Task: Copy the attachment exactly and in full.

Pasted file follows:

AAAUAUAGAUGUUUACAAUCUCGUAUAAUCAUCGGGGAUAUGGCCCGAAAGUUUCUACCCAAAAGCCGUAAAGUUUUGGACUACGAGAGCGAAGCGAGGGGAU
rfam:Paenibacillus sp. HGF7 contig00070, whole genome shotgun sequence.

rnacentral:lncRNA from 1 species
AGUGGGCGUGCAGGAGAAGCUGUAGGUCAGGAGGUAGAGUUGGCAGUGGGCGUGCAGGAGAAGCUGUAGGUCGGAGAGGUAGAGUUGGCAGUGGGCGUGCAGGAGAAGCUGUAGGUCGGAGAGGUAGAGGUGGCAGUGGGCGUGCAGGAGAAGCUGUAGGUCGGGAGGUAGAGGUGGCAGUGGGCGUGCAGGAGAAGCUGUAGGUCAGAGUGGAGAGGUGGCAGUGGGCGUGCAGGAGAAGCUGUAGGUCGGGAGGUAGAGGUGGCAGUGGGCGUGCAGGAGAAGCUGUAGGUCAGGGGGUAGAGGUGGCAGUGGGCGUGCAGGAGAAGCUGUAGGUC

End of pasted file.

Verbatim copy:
AAAUAUAGAUGUUUACAAUCUCGUAUAAUCAUCGGGGAUAUGGCCCGAAAGUUUCUACCCAAAAGCCGUAAAGUUUUGGACUACGAGAGCGAAGCGAGGGGAU
rfam:Paenibacillus sp. HGF7 contig00070, whole genome shotgun sequence.

rnacentral:lncRNA from 1 species
AGUGGGCGUGCAGGAGAAGCUGUAGGUCAGGAGGUAGAGUUGGCAGUGGGCGUGCAGGAGAAGCUGUAGGUCGGAGAGGUAGAGUUGGCAGUGGGCGUGCAGGAGAAGCUGUAGGUCGGAGAGGUAGAGGUGGCAGUGGGCGUGCAGGAGAAGCUGUAGGUCGGGAGGUAGAGGUGGCAGUGGGCGUGCAGGAGAAGCUGUAGGUCAGAGUGGAGAGGUGGCAGUGGGCGUGCAGGAGAAGCUGUAGGUCGGGAGGUAGAGGUGGCAGUGGGCGUGCAGGAGAAGCUGUAGGUCAGGGGGUAGAGGUGGCAGUGGGCGUGCAGGAGAAGCUGUAGGUC